Nelson Racehorse and crew sing for the sunrise ceremony at the Virginia City Treaty Day Gathering on Saturday, July 17.
By LORI ANN EDMO
FORT HALL — An event that is normally conducted at Virginia City, Montana was instead at the Shoshone-Bannock Events Center July 17 to help Shoshone-Bannock tribal members learn about the unratified Virginia City Treaty among the Shoshones, Bannocks and Sheepeaters that was signed September 24, 1868.
It was settled over a large extent of country westward from the Yellowstone to a mountain between the Bitterroot and Big Hole, running through Montana into Idaho according to the treaty.
The Shoshone-Bannock Tribes Language and Culture Department hosted the event that began with a sunrise ceremony at 6 a.m. and lasted throughout the day with afternoon events switching to the HRDC lawn where Indian games were conducted and a social powwow after a windstorm halted things temporarily.
Nelson Racehorse and crew sang prayer songs as the sun rose over the horizon next to the hotel. Darrell Shay told sunrise attendees a lot of information would be shared about the land that was stolen from us – all our ancestors that came from the Tukudeka, Agaideka Bozhenadeka – names of our ancestors. “There’s plenty of evidence that shows we were in Montana, Idaho and even in Wyoming. One of the places we were really entrenched was in Yellowstone National Park,” he continued. The gathering is to provide the information and encouraged people to ask questions of the staff.
Darrell Shay speaks at the Virginia City Treaty Day Gathering at the Shoshone-Bannock Casino
Hotel event center.
Tribal Archivist Velda Racehorse served as the moderator saying there is a lot of people who have never been to Virginia City where the treaty was signed. Language and Culture Preservation Director Louise Dixey thanked Lee Juan for the prayers at sunrise and introduced LCPD staff who do the work to put on the events. She explained the Tribal Practices for Wellness grant from the Centers for Disease Control has been funded for a fourth year.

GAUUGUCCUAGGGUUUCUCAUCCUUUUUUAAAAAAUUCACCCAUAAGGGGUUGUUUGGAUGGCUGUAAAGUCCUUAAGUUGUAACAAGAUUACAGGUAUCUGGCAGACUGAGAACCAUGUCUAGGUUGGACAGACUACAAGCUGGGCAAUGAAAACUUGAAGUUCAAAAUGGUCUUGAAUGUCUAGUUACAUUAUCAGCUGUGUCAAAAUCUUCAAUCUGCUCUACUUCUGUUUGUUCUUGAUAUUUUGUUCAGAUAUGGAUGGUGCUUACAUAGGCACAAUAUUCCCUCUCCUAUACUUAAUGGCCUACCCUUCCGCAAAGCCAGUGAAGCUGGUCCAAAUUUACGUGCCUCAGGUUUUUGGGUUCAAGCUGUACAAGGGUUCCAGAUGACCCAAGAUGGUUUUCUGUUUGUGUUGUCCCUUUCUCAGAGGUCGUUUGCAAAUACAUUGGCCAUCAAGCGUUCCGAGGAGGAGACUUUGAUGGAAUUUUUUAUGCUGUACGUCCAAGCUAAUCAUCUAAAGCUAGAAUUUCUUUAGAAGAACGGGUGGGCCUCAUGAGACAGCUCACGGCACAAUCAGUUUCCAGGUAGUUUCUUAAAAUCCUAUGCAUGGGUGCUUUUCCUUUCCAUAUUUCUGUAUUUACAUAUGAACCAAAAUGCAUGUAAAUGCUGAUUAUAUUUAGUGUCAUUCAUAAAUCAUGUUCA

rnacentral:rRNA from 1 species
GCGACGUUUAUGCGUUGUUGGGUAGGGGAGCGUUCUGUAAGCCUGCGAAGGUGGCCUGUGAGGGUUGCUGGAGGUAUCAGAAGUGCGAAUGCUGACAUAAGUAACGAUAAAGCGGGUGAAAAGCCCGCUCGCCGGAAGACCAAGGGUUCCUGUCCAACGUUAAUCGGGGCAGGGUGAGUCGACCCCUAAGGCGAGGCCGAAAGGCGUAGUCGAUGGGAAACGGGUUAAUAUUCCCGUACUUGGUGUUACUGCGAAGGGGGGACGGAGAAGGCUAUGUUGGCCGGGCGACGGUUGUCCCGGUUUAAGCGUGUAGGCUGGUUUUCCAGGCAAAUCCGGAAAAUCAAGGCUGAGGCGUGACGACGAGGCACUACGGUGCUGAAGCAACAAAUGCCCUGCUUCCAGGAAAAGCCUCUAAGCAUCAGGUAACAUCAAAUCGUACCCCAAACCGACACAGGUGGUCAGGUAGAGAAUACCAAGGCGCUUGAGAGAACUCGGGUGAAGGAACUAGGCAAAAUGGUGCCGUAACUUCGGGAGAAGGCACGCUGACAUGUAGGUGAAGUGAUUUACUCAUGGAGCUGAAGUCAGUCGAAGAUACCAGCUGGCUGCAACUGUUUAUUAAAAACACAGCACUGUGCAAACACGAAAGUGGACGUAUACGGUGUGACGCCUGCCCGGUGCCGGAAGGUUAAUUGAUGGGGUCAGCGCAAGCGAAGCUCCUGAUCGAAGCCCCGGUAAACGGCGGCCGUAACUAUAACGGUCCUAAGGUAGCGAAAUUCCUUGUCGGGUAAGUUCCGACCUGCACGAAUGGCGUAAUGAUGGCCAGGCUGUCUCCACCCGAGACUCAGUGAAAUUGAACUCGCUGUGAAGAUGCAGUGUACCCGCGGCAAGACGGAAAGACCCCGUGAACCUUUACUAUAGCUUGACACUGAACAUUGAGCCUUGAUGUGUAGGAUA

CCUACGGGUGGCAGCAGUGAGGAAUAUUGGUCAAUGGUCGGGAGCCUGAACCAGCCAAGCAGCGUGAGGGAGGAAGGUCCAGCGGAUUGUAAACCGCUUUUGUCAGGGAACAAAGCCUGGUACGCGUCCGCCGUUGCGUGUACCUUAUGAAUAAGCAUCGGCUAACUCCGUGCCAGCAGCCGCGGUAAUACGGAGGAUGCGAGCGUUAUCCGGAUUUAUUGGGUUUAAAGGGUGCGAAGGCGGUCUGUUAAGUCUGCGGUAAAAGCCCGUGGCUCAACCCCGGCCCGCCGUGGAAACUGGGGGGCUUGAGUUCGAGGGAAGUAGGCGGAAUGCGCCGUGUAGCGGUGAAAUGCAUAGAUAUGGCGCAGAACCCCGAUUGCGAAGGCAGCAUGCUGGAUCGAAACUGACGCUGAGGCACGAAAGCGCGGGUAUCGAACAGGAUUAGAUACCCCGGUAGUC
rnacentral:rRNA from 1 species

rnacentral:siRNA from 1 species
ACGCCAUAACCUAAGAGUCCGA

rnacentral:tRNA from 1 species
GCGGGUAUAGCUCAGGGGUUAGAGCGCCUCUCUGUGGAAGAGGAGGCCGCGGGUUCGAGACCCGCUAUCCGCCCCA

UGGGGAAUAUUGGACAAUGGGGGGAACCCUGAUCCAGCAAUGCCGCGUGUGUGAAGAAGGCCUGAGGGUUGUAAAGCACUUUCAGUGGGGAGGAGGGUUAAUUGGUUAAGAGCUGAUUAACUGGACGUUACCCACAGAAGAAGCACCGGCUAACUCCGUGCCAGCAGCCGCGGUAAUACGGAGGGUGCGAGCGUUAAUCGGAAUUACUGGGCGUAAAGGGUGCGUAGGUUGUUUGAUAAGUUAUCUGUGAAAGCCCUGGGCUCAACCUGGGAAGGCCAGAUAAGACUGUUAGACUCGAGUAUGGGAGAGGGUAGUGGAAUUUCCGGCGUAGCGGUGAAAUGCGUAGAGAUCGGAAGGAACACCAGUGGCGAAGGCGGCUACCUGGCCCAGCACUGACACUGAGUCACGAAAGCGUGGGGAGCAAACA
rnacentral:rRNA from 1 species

Fort Hall Business Council Chairman Devon Boyer said there’s a lot of things to take into consideration from reviewing documents, looking at maps and listening to the stories handed down in reference to this area. He said the Bannocks were in the hundreds on top of the mountains and battled the white people. The Indian Commission and agents at the time decided who should get what and it didn’t matter what we said. They were only interested in what they could take or what was occupied by them (settlers). He read through some documents the night before the event reading about Indian agents, governors, cavalry people, “All they did write letters about how Indians were stupid and ignorant.” Boyer said to this day, they continue to take. There will be continued fights and continued effort, “Probably long after us,” noting there are some folks that will admit Indians were here and the Sho-Bans were there. He encouraged tribal members to be cautious in future and participate as much as they can. “It all comes back to who we are, a people of prayer and I appreciate each and every one of you for being here this morning.”
FHBC member Lee Juan Tyler said the area is still ours, “We are still fighting for it,” and he thanked everyone for sharing good thoughts.
Nolan Brown, LCPD Original Territories researcher did a presentation about the basics of a treaty – the Virginia City Treaty and the area. He said work on it helped create the office he works at. A treaty is a formal agreement, compact, or contract between two or more sovereign nations that creates legal rights and duties for the contracting parties.